Make Your Own Ambilight for $60

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Ambient lighting that reacts to the image on your TV is easier and cheaper than you think – and it makes for a great upgrade to your home cinema experience.

Originally developed for Philip’s TVs in 2002, the feature is still only available in a limited number of models – and as a result, a lot of people have tried to make their own Ambilight that didn’t involve buying a new TV. Until now, they’ve been relatively expensive or low resolution (just a few pixels on each edge) – I even made a single pixel version a few years ago. Now a new generation of affordable, programmable LEDs has arrived – and you too can build a high resolution Ambilight clone for as little as $60. Interested?

Step 1: Demo

First, a demo of what we’re making. In case you’re curious, the video playing is Electric Sheep, a 3-hour long psy-trance trip – it’s a perfect match to demonstrate the Ambilight. Of course, not all video is going to produce the same pleasing results – many movies are just too murky, or are presented in cinema format resulting in black bars (and consequently, no colour data). I found the best results with the bright, vivid colours in most animations, as well as action movies with elaborate CG effects.

At the moment, it only works with some signal processing on the computer side – so it’s great for things like VLC, Popcorn Time, Kodi (formerly known as XBMC), or PC gaming. Unfortunately, processing generic HDMI input is more difficult – at the very least, we would need an HDMI splitter, and some kind of converter to a more readable analog format. I’ll leave that for a future project – for now, this only works with a computer.

Step 2: You Will Need

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The parts list is short – no complex electronics here:

The main part of this ambilight clone is a string of individually addressable WS2812B LEDs. Each LED has it’s own chipset and single line is used for communication.  I bought mine from Aliexpress for $52 including shipping – that was for a 5-meter reel (150 LEDs), which is more than enough for the largest of TVs – and a lot cheaper per LED than the $50 string that Adafruit sells. A standalone 5V/10A power supply can be bought for around $10, but I used an old ATX power supply that I’d previously converted into a bench supply. If you have a huge TV and are planning to join multiple strips because 5 meters isn’t enough, be sure to work out your exact power requirements at 60mA per LED.

Step 3: Wiring

Let’s test the lights first to ensure the power supply is sufficient and the basic communication is working. Connect pin 6 from the Arduino to the DIN on the LED strip – your strip should have a breakout lead on one end, so use a male-female jumper wire. Also connect the GND pin from the Arduino to GND on the strip. Do not attempt to provide power to the strip by the 5V pin on the Arduino. You will fry the Arduino, very quickly. Instead, use an external 5V power supply. A desktop PSU will happily power the full 5-meter strip for testing (assuming you’ve followed our bench supply conversion guide). Calculate at 60mA per LED; so in my case, 114 LEDs at 60mA is just under 7A. If you’re thinking, “7 amps sounds like an awful lot!”, it’s because this runs at 5 volts – 7 amps at 240 volts would be a lot more!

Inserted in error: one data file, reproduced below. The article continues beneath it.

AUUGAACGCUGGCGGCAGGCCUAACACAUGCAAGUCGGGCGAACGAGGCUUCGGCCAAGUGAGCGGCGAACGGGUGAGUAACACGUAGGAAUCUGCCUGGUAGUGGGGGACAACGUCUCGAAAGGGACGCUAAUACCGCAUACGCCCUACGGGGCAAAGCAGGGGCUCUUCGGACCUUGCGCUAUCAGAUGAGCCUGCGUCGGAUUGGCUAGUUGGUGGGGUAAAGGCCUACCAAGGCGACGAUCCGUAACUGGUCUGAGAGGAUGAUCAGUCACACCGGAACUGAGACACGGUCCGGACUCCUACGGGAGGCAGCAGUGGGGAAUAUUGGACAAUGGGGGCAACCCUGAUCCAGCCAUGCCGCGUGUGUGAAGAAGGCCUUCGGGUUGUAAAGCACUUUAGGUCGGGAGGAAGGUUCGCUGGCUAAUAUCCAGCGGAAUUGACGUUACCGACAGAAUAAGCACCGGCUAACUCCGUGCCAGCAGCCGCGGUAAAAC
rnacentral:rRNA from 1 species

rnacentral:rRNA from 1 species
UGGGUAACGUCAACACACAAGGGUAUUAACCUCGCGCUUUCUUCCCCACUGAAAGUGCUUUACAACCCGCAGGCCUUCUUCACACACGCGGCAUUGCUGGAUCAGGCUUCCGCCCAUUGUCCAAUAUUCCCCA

Note that these strips have a specific direction in which the signal must flow, indicated by arrows. If you’re connecting multiple strips, you may also need to re-inject the power midway to avoid voltage drop – I found this was unnecessary with just 5 meters though.

Step 4: Load the Arduino code and Test

There’s both an Arduino and Processing part to the project. First ensure you’ve added FastLED to your Arduino libraries directory, then download this code. Modify line 7 for the number of LEDs you have; and if you find the colour profile is broken, modify line 47. For the strip I purchased, it’s using chipset WS2812B and colour order of “GRB”. See the FastLED documentation on how to calibrate to your strip – but the default should be fine if you bought the same LEDs.

Lastly, you need the Processing components from the Adafruit project code. For testing, open up Colorswirl.pde. Again, modify the number of LEDs on line 29; and the serial device on line 44. If Arduino is the only COM device plugged in, Serial.list()[0] is fine. If not, try Serial.list()[1]. Run the app and with any luck, your strips will show a beautiful swirl of colours.